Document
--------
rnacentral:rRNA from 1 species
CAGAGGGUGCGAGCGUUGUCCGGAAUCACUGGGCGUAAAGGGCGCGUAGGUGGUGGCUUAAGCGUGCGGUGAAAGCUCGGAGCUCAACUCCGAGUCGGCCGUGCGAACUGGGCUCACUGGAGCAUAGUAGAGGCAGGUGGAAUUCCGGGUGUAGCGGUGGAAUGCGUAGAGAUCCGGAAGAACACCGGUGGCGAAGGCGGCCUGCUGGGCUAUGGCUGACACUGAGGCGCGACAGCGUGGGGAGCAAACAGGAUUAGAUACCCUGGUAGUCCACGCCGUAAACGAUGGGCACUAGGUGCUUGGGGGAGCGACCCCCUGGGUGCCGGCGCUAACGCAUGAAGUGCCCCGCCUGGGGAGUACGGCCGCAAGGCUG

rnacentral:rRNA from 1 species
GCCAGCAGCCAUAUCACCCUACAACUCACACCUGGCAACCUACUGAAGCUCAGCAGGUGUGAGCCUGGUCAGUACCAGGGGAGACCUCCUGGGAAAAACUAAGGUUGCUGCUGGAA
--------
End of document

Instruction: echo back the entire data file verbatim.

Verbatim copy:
rnacentral:rRNA from 1 species
CAGAGGGUGCGAGCGUUGUCCGGAAUCACUGGGCGUAAAGGGCGCGUAGGUGGUGGCUUAAGCGUGCGGUGAAAGCUCGGAGCUCAACUCCGAGUCGGCCGUGCGAACUGGGCUCACUGGAGCAUAGUAGAGGCAGGUGGAAUUCCGGGUGUAGCGGUGGAAUGCGUAGAGAUCCGGAAGAACACCGGUGGCGAAGGCGGCCUGCUGGGCUAUGGCUGACACUGAGGCGCGACAGCGUGGGGAGCAAACAGGAUUAGAUACCCUGGUAGUCCACGCCGUAAACGAUGGGCACUAGGUGCUUGGGGGAGCGACCCCCUGGGUGCCGGCGCUAACGCAUGAAGUGCCCCGCCUGGGGAGUACGGCCGCAAGGCUG

rnacentral:rRNA from 1 species
GCCAGCAGCCAUAUCACCCUACAACUCACACCUGGCAACCUACUGAAGCUCAGCAGGUGUGAGCCUGGUCAGUACCAGGGGAGACCUCCUGGGAAAAACUAAGGUUGCUGCUGGAA